Canon managed it. Nikon managed it. And, thinking about it, the new mirrorless cameras from Panasonic would feel weird if they didn’t have it. If I could change one thing about my otherwise awesome Sony a7 III, this would be it.
Sony has pioneered the development of full-frame mirrorless technology, slowly being caught by the likes of Canon, Nikon, and now, Panasonic. In its desire to create a body that was refreshingly small and compact, Sony ditched one feature that perhaps felt like a hangover from the DSLR era: the top deck display. I want it back.
I can understand the logic: with the EVF and rear display, a lot of changes can be made while staring at a live version of what will be the final image, allowing you to see numbers slide around and have those changes reflected instantaneously. Why would you any longer need a top deck readout, especially when it’s taking up precious real estate on a body that’s supposed to be as small as possible while still packing in a full-frame sensor along with some stabilization?
In playing catch-up, Canon, Nikon and Panasonic have decided that, contrary to what Sony would have us believe, full-frame mirrorless cameras are not supposed to be significantly smaller than their DSLR predecessors. As Scott Kelby mentioned on one of his recent podcasts (YouTube link), “Sony suckered the world into thinking that mirrorless cameras were going to be light and small.” Clearly, Canon et al were not falling for it and chose not to try and make their cameras as small as possible, thereby maintaining the ergonomics that have kept their vast number of customers happy over the years. In doing so, the supposedly redundant top deck display has not been ditched, and I can’t lie and say that I’m not jealous of those Canon RF and Nikon Z shooters with their conveniently presented information.
The other factor that makes me wish that Sony hadn’t been so brutal in trimming the excess is that by having information on the top deck, you can declutter your EVF. Instead of having your exposure details, compensation, battery levels, and card info taking up lots of space, all of this information can be left on the top deck display and you can focus on the image itself without having to keep toggling through the display settings to bring it back each time you need to check something.
I’m interested to see whether Sony addresses this in the a7 IV when it appears in the next couple of years, though I suspect it will be sticking with its “smaller bodies are the future (even if the lenses are bigger)” mantra. Top deck displays seem to be undergoing something of a revolution at the moment, with the Canon R (though notably, not the smaller RP), the Nikon Z 6 and Z 7, and the Panasonic S1 and S1R all featuring a display. Panasonic’s top deck display maintains the clunky LCD watch stylings of yesteryear, while Canon and Nikon have made a conscious effort to improve this part of the camera, increasing the quality and inverting the colors to create something that actually looks quite smart.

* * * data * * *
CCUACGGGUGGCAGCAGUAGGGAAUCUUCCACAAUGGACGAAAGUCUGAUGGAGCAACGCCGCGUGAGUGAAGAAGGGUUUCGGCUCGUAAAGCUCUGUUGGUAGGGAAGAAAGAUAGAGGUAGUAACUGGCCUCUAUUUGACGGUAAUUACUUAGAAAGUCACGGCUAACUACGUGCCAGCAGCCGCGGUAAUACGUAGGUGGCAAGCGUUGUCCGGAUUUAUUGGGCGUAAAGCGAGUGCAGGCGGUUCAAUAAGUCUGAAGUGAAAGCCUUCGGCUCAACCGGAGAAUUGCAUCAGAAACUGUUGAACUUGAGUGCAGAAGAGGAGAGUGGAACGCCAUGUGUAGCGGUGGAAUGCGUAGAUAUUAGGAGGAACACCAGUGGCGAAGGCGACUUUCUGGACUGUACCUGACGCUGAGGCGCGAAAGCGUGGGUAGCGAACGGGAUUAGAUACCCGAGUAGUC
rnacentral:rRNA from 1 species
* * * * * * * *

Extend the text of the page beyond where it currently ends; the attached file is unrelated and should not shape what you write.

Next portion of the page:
Fuji has never had to play this game, preferring its tactile dials and knobs full of numbers that are a pleasing throwback to analogue. However, this has just changed with the announcement of the rather incredible GFX 100. This camera is mind-boggling, but let’s be honest: like the rest of their medium format bodies, it’s not the prettiest. Functionality has clearly been a priority, but in order to try and keep some of their analogue tradition, Fuji has done something rather funky: the top deck display features virtual dials. I’m not quite sure why this pleases me so much, but it does.
I really appreciate the tiny size of the Sony a7 III, but it came with a few compromises, and this is one of them. I can live with it, but Sony, if you’re reading, please consider adding this feature in the future. At the very least, make the rear display show something that is easy to read and not an assault on my sensibilities. As photographers, we’re quite visual folk, and weirdly enough, we tend to like things that look nice.
Perhaps then this is actually a sign of what I actually want Sony to do next. In my eyes, if it wants to continue snaffling an ever-growing share of the market, it should give a little thought to user experience. We like to think of ourselves as artists, not machine operators, and the finishing touches can make a real difference. Sony’s menu system is a bit of a car crash (and thank god that custom buttons mean that it can be largely avoided), but let’s be honest: most cameras have menus that look as though they were designed in the 1990s. Perhaps they were cobbled together by middle-aged men who long ago resigned themselves to the idea that functionality and beauty are irreconcilable, so there's no point in attempting either. Surely, it wouldn’t be much of an investment of time and money to abduct a couple of hipsters from Mountain View, lock them in a room in Minato for six months, and see what they come up with.
So, Sony. You made the full-frame MILC smaller and lighter, cramming in some groundbreaking features and cutting a few corners here and there in order to create something that I love to shoot with. I really hope that the next step is to make it refined, allowing us to feel like we're holding a machine that inspires creativity rather than expensive box built out of rainy days and spreadsheets.
But perhaps it's just me. Be sure to let me know whether you agree by leaving a comment below.